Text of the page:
The problem is that a whole new plot about the family being mentally controlled and abused by the mother takes over two-thirds of the way in. It is actually a good plot, but it completely changes the tone of the book. And worst of all it just stops at the end. Rosa does come to accept her situation and takes steps to end it, but much is left unresolved for later books.
Why is this a problem? The book starts out set up for one audience and ends for another. Fortunately, the two audiences do tend to have tastes that overlap, but not everyone likes both types of stories. If I were not reviewing this book, I would have stopped reading long before it became interesting for me.
Hopefully, Ms. Walker will improve her ability to keep a consistent tone in later books.
Rosamunde is a well written character. She acts like a normal teenager, with unique abilities. Her abilities just happen to be magical. She is nice, intelligent, creative, and loyal, but she is not perfect. She makes mistakes, but understandable ones, especially because she has not received proper magical training. Her character is great.
The rest of the cast however is hit or miss.
The faery she made her pact with, Lavender (well that was one of his names in the story), was a lot of fun to read about. He likes to tease Rosa, but not cruelly. He gives her good advice and helps her discover the spells that have been cast on her. It is a bit creepy when he flirts with her, because he is so much older, however even he admits that and would never force her to return affections. I found his flirting more playful than serious.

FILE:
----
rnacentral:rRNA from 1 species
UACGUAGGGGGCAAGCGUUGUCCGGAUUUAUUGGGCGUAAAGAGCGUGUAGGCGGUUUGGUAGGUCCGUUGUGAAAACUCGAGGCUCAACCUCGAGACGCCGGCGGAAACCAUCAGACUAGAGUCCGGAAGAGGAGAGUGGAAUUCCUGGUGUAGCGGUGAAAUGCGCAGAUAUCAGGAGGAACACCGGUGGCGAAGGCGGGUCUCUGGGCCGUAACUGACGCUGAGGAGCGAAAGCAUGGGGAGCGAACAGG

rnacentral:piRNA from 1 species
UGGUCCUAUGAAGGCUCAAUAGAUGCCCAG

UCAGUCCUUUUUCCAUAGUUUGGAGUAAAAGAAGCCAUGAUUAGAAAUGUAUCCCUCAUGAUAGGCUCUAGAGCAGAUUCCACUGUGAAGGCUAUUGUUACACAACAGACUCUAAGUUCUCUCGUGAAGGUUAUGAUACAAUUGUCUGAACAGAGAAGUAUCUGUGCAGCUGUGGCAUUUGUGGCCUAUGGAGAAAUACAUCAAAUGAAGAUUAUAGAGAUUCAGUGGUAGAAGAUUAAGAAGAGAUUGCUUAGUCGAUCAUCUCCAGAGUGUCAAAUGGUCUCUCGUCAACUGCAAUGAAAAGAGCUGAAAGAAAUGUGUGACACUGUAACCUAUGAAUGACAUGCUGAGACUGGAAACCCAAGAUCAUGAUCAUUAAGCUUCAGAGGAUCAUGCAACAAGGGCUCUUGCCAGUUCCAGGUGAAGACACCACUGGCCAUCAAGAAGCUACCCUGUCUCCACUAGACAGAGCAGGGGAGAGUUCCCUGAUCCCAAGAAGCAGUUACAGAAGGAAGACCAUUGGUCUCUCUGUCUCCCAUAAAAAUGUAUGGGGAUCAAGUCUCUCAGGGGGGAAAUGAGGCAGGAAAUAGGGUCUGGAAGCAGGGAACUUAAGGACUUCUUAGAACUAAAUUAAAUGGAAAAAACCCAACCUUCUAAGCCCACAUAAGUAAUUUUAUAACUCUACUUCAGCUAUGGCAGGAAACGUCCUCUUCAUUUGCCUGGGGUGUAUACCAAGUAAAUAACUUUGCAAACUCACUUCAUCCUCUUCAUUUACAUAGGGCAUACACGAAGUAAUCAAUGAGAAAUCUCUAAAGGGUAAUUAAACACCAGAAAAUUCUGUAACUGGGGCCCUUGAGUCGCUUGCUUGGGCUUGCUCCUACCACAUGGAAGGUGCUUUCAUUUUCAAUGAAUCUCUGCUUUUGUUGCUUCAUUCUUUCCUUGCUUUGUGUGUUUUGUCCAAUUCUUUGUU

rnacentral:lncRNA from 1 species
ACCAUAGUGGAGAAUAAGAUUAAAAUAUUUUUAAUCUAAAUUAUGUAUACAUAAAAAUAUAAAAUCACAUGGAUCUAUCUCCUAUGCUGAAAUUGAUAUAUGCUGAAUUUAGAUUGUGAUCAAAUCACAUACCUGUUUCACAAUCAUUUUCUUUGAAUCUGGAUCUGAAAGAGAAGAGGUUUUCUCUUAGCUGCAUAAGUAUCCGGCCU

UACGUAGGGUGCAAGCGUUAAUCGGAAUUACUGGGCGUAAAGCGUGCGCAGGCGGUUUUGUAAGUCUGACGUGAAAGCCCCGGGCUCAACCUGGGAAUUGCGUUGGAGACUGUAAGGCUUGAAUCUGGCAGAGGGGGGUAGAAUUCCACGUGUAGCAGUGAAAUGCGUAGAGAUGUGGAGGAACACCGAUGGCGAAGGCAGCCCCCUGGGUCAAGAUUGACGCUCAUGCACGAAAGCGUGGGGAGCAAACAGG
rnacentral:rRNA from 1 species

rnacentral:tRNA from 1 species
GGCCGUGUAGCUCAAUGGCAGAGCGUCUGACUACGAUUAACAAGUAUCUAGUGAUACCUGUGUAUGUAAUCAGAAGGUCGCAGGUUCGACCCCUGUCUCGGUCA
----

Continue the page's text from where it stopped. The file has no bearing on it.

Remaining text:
Unfortunately, Rosa’s other friends tend to blend into each other. Rosa is friends with a couple who are both half -fey. They also seem like two halves of one character, talking over each other’s lines, agreeing with each other, giving Rosa the same advice, etc. I suppose couples can be like that in real life, but one character could have done both parts. Rosa is also friends with a Kitsune ( a boy that can turn into a fox) and a girl who has vampires for parents. Either character could have been more interesting if one of them had been dropped and their scenes were given to the other character. Yes, the boy is Rosa’s love interest for the story, but she is bi-sexual so the vampire girl could have filled that role easily. There were seeds of interesting characters here, sadly none of these characters blossomed.